With everyone in their homes amid the COVID-19 pandemic, many have taken to the internet to occupy their time. Some, like textile artist Taiana Giefer, are using that time online to create something they’ve wanted to make for years.
For the local artist, it’s not anything related to her day job making art pieces from fabric, but rather a website providing Santa Barbara residents with a one-stop-shop list of local resources they can access during the health crisis.
From exhaustive lists of food delivery services, to nonprofits assisting families in need, to information on where Santa Barbara residents can buy locally made hand sanitizer, to instructions on how to make their own sanitizer, theresourceproject.com has this information and a lot more.
Ms. Giefer’s endeavor to provide a comprehensive list of local resources for Santa Barbara residents during the pandemic is descended from a local relief effort she took part in two years ago.
Following the debris flow that devastated Montecito at the beginning of 2018 after the Thomas Fire, Ms. Giefer volunteered in The Recovery Project, which set up shop in front of the Montecito Country Mart on a donated lease and gave free clothes and shoes to victims of the disaster.
The Recovery Project ceased after a month and a half when the free lease expired and when its volunteers had to shift attention back to their day jobs. However, the contacts in the Santa Barbara community that The Recovery Project made during its month and a half of service would prove useful two years later.
As the seriousness of the COVID-19 outbreak started being widely felt with social distancing measures taking hold and people sequestering themselves in their homes, Ms. Giefer met with some of her fellow Recovery Project volunteers to determine what they could do to help the situation. It was ultimately agreed that they would each prioritize taking care of their own immediate families and friends during the crisis, but they did send out emails to various contacts at community resources they compiled while running The Recovery Project.
As they heard back from community leaders and local organizations about what they were doing to help Santa Barbara during the crisis, Ms. Giefer became the point person for receiving that information and compiling it into a website.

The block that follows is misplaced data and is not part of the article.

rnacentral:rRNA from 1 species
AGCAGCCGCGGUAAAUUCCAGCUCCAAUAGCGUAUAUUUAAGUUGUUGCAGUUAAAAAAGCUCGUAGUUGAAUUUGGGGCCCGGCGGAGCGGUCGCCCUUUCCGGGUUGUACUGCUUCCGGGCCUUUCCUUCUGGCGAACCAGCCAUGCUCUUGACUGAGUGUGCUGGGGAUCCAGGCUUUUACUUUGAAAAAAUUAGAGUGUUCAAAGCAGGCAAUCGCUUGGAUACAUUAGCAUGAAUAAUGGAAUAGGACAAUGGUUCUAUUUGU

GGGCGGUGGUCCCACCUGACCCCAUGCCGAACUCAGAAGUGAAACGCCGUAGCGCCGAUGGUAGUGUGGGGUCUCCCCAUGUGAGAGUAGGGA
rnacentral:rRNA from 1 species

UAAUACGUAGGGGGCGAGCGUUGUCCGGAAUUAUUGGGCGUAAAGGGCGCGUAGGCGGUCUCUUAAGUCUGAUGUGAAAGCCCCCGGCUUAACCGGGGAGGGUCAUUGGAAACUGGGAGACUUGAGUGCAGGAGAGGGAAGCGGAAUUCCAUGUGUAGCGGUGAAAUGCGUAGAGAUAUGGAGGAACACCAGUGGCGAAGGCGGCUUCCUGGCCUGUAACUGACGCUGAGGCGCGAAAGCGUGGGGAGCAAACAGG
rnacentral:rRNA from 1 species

On March 18, she launched The Resource Project.
In an interview with the News-Press, Ms. Giefer said theresourceproject.com is her attempt at fulfilling an ambition of hers that she’s had for four years, building a website that thoroughly lists all services in Santa Barbara. The artist described the idea that led to The Recourse Project as “a Craigslist or a Timeout for Santa Barbara.”
Currently, Ms. Giefer is only slowly adding to her website as it is now fairly comprehensive in its list of local services. Adding to the website in the beginning took up all her time, but given the circumstances, she had plenty of time to dedicate to it. As is the case for many professionals, the coronavirus situation has cut into the textile artist’s business.
“It’s definitely taken a big halt,” she said. “The first week and a half I had no time besides the website. Now half of my time goes to the website, half to textile, but business is slow. People are definitely not buying art at the moment.”
Though The Resource Project may have been born out of the COVID-19 pandemic, Ms. Giefer intends to keep the website running once the crisis subsides. Of course, she will shift the focus of her website once the world moves into post-coronavirus mode. Whenever that time comes, Ms. Giefer envisions The Resource Project as a promoter of “environmentally forward” stores, organizations, farmers and community leaders who are working toward helping the environment.
“I’d definitely like to keep it running and have it focused on local organizations you can support with your time and money,” she said.
From there, if possible, the website could grow.
“I think that’s where I’ll start and if I have the capacity to grow it, I‘d like to make it into a larger search engine that you can curate to your needs,” she said.
The Resource Project can be found online at theresourceproject.com.